My husband and I were expecting our third child in 2019.  Excited and thrilled was an understatement.  With the two healthy (boy) pregnancies behind us, we didn't sweat the small stuff and life was busy. In order to have my husband at the ultrasound, we always had to have the appointment on Friday.  Our 20th week fell on Thanksgiving which didn't work for us, and then every Friday in December wasn't an option either due to other holiday commitments and gatherings.  My doctor and I laughed, saying "#ThirdChild", and we made plans to do our first initial 20-week ultrasound during my 27th week checkup in early January.   

Throughout this pregnancy, I had been noticing minimal movement but just thought I was busy or my placenta was on the outside. All is fine, no worries. Around 25 weeks, I went to New Orleans for a bachelorette party.  In preparation for the trip, I feared how swollen my feet would get from walking around or how the smells would bother me.  In over planning and thinking about everything, I brought along a handful of essential oils and other remedies.  During that trip, I felt nothing; literally and figuratively. I out danced all the ladies, never was bothered by all the smells of New Orleans, my feet never hurt, and I never felt the baby which made me feel very uneasy. I got home on Sunday night and expressed my concerns to my husband, which prompted us to call on Monday to make our "first" sonogram appointment at 25 weeks.

Tuesday morning, as the ultrasound started, we were immediately met with what looked like a bubble above the baby's head, which was a cyst on the umbilical cord. I immediately started crying, as it confirmed to me "something" was off.  My husband comforted me, saying it's just a cyst and likely no big deal, but my mother's intuition pulled hard.  The sonographer was confused as to why this was my first ultrasound so late in our pregnancy.  I explained our busy schedules and she said, "Well, I have no one after you.  How about you go to the bathroom and I'll let the doc know we will be a bit longer due to the cyst".  Here I thought I won the extended ultrasound lottery!  As we saw our little Duckie, all looked fine to us. When it came time to see the sex, we looked away like we had with the other two boys.  Because this appointment was off my normal schedule, my typical doctor was not available to meet with us.  The step-in doctor walked into the room, introduced herself with a smile, and then immediately sat down and asked about the movement.  I said "Not good, that's why we are here".  It was then, she dropped her head, took a deep breath, and said "I'm so sorry to tell you this. Your baby has a handful of abnormalities, from a misshapen skull, intestines formed outside the body, extreme spina bifida, heart developed on the wrong side of the body, rocker bottom feet syndrome, to obviously the cyst on the umbilical cord that you know about, and that's just what we can see." Not one area of this little body wasn't affected by something heartbreaking. The doctor explained that by themselves, an abnormality or two could be manageable.  However, this baby had multiple extreme abnormalities. Along with being underweight and not getting proper nutrients, it's likely that this pregnancy would not make it much longer. I asked if they knew the sex, as I now wanted to know, I wanted to name this baby, pray for this with this baby. Unfortunately, she said they were unable to determine the sex. The doctor then shared they already had a scheduled appointment with a specialist for a second opinion.  It was then that it hit me how serious this was, this doctor walked into the room with my next appointment in hand. It was not one of those, 'here's the number, call when you get a chance'.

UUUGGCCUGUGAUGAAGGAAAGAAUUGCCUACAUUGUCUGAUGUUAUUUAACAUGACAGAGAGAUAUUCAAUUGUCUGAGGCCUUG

Two days later, we met with the Perinatologist.  As his sonographer started the appointment, with tears already streaming, I asked if she could see what the sex was.  I also asked for grace if it is a girl, as I've prayed for a girl to join our family and I'm fearful my dream was unraveling.  She too could not determine the sex, as the legs were tucked and closed. As the doctor came in, he confirmed the Trisomy 18 diagnosis and as he was scanning and showing us the abnormalities, Baby Kruse decided it was time to share—Duckie was a girl. He told us that the likelihood of making it a few more weeks or to term was simply not in the cards, let alone leaving the hospital as the abnormalities were too severe and were not compatible with life. We were crushed. Trisomy 18 is rare (1 in 5,000) and here we are, the "not-so-lucky" 1. Trisomy 18 ultimately is an extra copy of the 18th chromosome, which affects the development of everything, making life incompatible. Out of love, and because we knew time was not on our daughter’s side, we made the toughest decision with hopes of having a few minutes with her.  

On December 22, 2019, Josh and I walked into UnityPoint Health – St. Luke’s to meet our daughter. Unfortunately, time was not gifted. Elizabeth Amy didn’t survive delivery. Her abnormalities got the best of her.  After seeing and understanding what the doctors saw, we knew that our decision, while it left us heartbroken and sad, was the right decision for her, our boys, and us. The nurses and staff cried alongside yet offered support and love. 

We shared a mere eight hours with our baby girl. While the experience was heart wrenching, how different those precious hours would have been during the peak of COVID-19 as my due date was April 1st. For that, we feel very lucky, we were able to share our beautiful daughter with visitors, capture time, and memories with Elizabeth Amy.  

Katie and Josh Kruse